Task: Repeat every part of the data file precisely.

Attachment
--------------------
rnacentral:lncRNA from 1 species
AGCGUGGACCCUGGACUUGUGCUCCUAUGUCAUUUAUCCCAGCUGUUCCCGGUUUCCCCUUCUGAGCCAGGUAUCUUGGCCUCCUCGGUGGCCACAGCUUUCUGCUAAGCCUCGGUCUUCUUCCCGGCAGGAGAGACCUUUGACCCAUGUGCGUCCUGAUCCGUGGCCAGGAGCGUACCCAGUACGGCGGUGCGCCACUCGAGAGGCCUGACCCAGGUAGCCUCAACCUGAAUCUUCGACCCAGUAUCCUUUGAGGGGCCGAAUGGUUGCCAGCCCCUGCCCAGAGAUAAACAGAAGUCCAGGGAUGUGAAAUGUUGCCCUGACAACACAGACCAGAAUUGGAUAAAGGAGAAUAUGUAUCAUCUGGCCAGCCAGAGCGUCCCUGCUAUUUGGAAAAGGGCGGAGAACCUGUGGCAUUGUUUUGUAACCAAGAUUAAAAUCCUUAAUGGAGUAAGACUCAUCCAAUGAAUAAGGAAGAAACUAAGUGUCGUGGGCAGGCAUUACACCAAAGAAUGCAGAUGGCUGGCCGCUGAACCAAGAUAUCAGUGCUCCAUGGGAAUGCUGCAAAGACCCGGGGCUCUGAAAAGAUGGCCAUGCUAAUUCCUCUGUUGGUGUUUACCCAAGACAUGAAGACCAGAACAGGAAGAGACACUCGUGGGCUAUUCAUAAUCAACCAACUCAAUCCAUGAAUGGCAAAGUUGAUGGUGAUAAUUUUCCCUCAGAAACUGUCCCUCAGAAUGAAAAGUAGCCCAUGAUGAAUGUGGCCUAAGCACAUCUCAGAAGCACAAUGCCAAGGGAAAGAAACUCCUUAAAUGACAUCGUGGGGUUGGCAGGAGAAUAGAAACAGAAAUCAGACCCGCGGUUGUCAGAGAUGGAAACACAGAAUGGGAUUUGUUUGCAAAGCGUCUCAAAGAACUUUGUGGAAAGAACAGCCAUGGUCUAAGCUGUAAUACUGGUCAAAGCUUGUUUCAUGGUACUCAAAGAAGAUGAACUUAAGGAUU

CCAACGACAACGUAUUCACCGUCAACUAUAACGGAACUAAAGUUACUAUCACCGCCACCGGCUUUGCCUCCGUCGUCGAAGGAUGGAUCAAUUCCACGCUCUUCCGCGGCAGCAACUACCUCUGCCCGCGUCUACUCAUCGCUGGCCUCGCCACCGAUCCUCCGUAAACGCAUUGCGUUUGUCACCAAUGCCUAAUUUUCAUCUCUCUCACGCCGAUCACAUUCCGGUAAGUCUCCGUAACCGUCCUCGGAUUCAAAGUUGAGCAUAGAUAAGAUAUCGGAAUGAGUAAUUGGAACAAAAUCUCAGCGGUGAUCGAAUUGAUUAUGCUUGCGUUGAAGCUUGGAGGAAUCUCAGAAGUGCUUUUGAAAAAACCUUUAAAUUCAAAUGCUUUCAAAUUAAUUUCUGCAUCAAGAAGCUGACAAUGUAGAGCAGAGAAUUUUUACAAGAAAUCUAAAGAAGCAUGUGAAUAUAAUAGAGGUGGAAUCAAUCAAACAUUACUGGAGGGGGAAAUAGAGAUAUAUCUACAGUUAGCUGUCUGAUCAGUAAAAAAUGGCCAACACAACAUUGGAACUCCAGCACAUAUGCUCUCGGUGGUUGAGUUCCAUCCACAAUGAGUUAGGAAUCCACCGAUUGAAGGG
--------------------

rnacentral:lncRNA from 1 species
AGCGUGGACCCUGGACUUGUGCUCCUAUGUCAUUUAUCCCAGCUGUUCCCGGUUUCCCCUUCUGAGCCAGGUAUCUUGGCCUCCUCGGUGGCCACAGCUUUCUGCUAAGCCUCGGUCUUCUUCCCGGCAGGAGAGACCUUUGACCCAUGUGCGUCCUGAUCCGUGGCCAGGAGCGUACCCAGUACGGCGGUGCGCCACUCGAGAGGCCUGACCCAGGUAGCCUCAACCUGAAUCUUCGACCCAGUAUCCUUUGAGGGGCCGAAUGGUUGCCAGCCCCUGCCCAGAGAUAAACAGAAGUCCAGGGAUGUGAAAUGUUGCCCUGACAACACAGACCAGAAUUGGAUAAAGGAGAAUAUGUAUCAUCUGGCCAGCCAGAGCGUCCCUGCUAUUUGGAAAAGGGCGGAGAACCUGUGGCAUUGUUUUGUAACCAAGAUUAAAAUCCUUAAUGGAGUAAGACUCAUCCAAUGAAUAAGGAAGAAACUAAGUGUCGUGGGCAGGCAUUACACCAAAGAAUGCAGAUGGCUGGCCGCUGAACCAAGAUAUCAGUGCUCCAUGGGAAUGCUGCAAAGACCCGGGGCUCUGAAAAGAUGGCCAUGCUAAUUCCUCUGUUGGUGUUUACCCAAGACAUGAAGACCAGAACAGGAAGAGACACUCGUGGGCUAUUCAUAAUCAACCAACUCAAUCCAUGAAUGGCAAAGUUGAUGGUGAUAAUUUUCCCUCAGAAACUGUCCCUCAGAAUGAAAAGUAGCCCAUGAUGAAUGUGGCCUAAGCACAUCUCAGAAGCACAAUGCCAAGGGAAAGAAACUCCUUAAAUGACAUCGUGGGGUUGGCAGGAGAAUAGAAACAGAAAUCAGACCCGCGGUUGUCAGAGAUGGAAACACAGAAUGGGAUUUGUUUGCAAAGCGUCUCAAAGAACUUUGUGGAAAGAACAGCCAUGGUCUAAGCUGUAAUACUGGUCAAAGCUUGUUUCAUGGUACUCAAAGAAGAUGAACUUAAGGAUU

CCAACGACAACGUAUUCACCGUCAACUAUAACGGAACUAAAGUUACUAUCACCGCCACCGGCUUUGCCUCCGUCGUCGAAGGAUGGAUCAAUUCCACGCUCUUCCGCGGCAGCAACUACCUCUGCCCGCGUCUACUCAUCGCUGGCCUCGCCACCGAUCCUCCGUAAACGCAUUGCGUUUGUCACCAAUGCCUAAUUUUCAUCUCUCUCACGCCGAUCACAUUCCGGUAAGUCUCCGUAACCGUCCUCGGAUUCAAAGUUGAGCAUAGAUAAGAUAUCGGAAUGAGUAAUUGGAACAAAAUCUCAGCGGUGAUCGAAUUGAUUAUGCUUGCGUUGAAGCUUGGAGGAAUCUCAGAAGUGCUUUUGAAAAAACCUUUAAAUUCAAAUGCUUUCAAAUUAAUUUCUGCAUCAAGAAGCUGACAAUGUAGAGCAGAGAAUUUUUACAAGAAAUCUAAAGAAGCAUGUGAAUAUAAUAGAGGUGGAAUCAAUCAAACAUUACUGGAGGGGGAAAUAGAGAUAUAUCUACAGUUAGCUGUCUGAUCAGUAAAAAAUGGCCAACACAACAUUGGAACUCCAGCACAUAUGCUCUCGGUGGUUGAGUUCCAUCCACAAUGAGUUAGGAAUCCACCGAUUGAAGGG